4. I’m grateful for my readers. Despite all the mechanical hoo-ha-ra that goes into writing, ultimately it comes down to entertaining a stranger with the power of your imagination and your words. Anybody who comes back for a second helping, or who picks up my work because they like the cut of my snippets, is someone who has chosen to invest their time and imagination into my maunderings. It’s a weird kind of long-distance love affair of the mind, and I’m thankful to all who take it on.
  5. I’m grateful for my children. As you’ve probably noticed if you’ve read this Facebook page for long enough– by which I mean half a day or more– my kids constantly entertain me, fill me with wonder, and enrich my life by keeping me innocent, impish and focused on doing good for others who need me in their life. Whether it be my naturally-arrived Miss 12 and Master 9, or my inherited bonus kids Cassie, Aiden and Blake, granddaughter Little Miss 2, grandson Little Man
  6. I’m grateful for the quickness of my mind. I’ve mentioned before that my father’s mind is failing, and it’s killing me to watch a charming, erudite, quick-witted man struggle for words and concepts he used to fling about like gossamer. I love being funny, I love being deliberately unfunny to spark a funny exchange, I love to tease, to argue, to explain, to build worlds and concepts out of nothing more than my vocabulary and my ability to knit words into never before-seen shapes and tastes. All my other gifts belong to the people who bestow them upon me. This is the only thing I have going for me that is purely mine. If it ever begins to desert me, I don’t know what I’ll do.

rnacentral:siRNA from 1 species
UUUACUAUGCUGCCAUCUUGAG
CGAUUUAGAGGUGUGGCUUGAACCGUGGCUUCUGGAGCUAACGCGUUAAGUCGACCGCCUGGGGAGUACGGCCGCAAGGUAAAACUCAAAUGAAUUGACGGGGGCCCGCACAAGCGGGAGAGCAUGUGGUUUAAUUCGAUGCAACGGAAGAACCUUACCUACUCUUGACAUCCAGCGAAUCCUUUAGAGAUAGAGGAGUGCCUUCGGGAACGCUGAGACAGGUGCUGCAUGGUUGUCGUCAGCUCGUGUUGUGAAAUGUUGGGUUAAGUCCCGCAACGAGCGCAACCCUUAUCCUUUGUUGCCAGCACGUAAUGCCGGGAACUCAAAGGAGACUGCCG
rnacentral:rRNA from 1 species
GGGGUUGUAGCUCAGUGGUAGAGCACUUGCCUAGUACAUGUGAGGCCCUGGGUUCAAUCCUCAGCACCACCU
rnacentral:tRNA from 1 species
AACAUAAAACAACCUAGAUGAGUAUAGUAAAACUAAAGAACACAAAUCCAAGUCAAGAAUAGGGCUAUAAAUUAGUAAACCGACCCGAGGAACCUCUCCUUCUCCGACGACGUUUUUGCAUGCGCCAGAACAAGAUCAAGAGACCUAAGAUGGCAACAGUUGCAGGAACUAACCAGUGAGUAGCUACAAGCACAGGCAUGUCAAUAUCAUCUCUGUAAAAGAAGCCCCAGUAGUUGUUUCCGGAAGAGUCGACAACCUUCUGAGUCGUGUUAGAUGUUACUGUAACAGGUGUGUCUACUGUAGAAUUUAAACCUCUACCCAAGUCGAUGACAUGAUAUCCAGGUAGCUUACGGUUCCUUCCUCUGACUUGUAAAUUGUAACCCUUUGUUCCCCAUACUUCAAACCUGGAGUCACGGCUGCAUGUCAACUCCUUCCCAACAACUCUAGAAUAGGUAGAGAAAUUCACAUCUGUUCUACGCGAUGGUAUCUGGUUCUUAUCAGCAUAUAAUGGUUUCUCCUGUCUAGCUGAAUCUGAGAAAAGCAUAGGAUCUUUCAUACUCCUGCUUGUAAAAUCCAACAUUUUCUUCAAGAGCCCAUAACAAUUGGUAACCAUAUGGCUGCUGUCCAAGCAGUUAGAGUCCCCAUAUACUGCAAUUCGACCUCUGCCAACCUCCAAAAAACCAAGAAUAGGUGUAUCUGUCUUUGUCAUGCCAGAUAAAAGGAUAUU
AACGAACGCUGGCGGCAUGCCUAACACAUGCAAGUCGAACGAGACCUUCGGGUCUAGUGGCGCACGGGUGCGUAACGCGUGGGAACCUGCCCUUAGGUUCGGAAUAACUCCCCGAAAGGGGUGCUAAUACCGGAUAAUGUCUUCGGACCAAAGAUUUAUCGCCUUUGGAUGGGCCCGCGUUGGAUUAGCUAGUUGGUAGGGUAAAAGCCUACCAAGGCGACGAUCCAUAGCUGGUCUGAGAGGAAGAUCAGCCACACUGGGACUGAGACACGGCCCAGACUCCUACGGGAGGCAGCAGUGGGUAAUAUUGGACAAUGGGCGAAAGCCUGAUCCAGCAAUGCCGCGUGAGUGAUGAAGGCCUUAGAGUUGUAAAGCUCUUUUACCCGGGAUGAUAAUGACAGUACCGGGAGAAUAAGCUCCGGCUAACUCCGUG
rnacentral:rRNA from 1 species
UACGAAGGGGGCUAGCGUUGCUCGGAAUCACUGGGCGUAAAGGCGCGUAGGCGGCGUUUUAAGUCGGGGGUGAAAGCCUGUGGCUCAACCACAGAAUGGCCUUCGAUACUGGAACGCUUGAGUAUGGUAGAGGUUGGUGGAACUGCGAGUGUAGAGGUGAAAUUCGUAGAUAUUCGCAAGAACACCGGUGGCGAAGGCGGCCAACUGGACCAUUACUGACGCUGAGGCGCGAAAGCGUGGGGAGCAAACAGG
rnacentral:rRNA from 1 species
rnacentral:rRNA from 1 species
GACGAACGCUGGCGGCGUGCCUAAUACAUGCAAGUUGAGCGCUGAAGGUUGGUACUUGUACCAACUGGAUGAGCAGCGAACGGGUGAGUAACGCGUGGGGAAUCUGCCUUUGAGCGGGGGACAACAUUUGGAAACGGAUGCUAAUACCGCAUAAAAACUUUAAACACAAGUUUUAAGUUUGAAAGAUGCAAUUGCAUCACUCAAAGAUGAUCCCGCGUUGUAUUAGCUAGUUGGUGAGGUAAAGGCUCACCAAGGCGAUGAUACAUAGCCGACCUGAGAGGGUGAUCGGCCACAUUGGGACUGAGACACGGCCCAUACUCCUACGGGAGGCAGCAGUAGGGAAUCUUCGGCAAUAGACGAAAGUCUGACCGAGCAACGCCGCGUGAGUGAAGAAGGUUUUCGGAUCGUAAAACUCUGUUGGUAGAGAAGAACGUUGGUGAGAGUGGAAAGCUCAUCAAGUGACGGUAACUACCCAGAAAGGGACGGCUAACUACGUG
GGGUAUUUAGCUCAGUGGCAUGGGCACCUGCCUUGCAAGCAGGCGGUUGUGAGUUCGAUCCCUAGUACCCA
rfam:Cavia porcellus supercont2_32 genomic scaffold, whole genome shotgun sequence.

7. The care and love shown to Master 9 during his illness by people who have no other investment in it than they are his teachers, or our friends. From just-because gifts, to messages of support, to structuring his classroom, people have gathered round him for the 14 months of his illness and provided him with an atmosphere of caring and support that has done wonders for his morale and self-esteem. To Kris, Kim,Grant, Lilysea, Mark and countless others, my gratitude.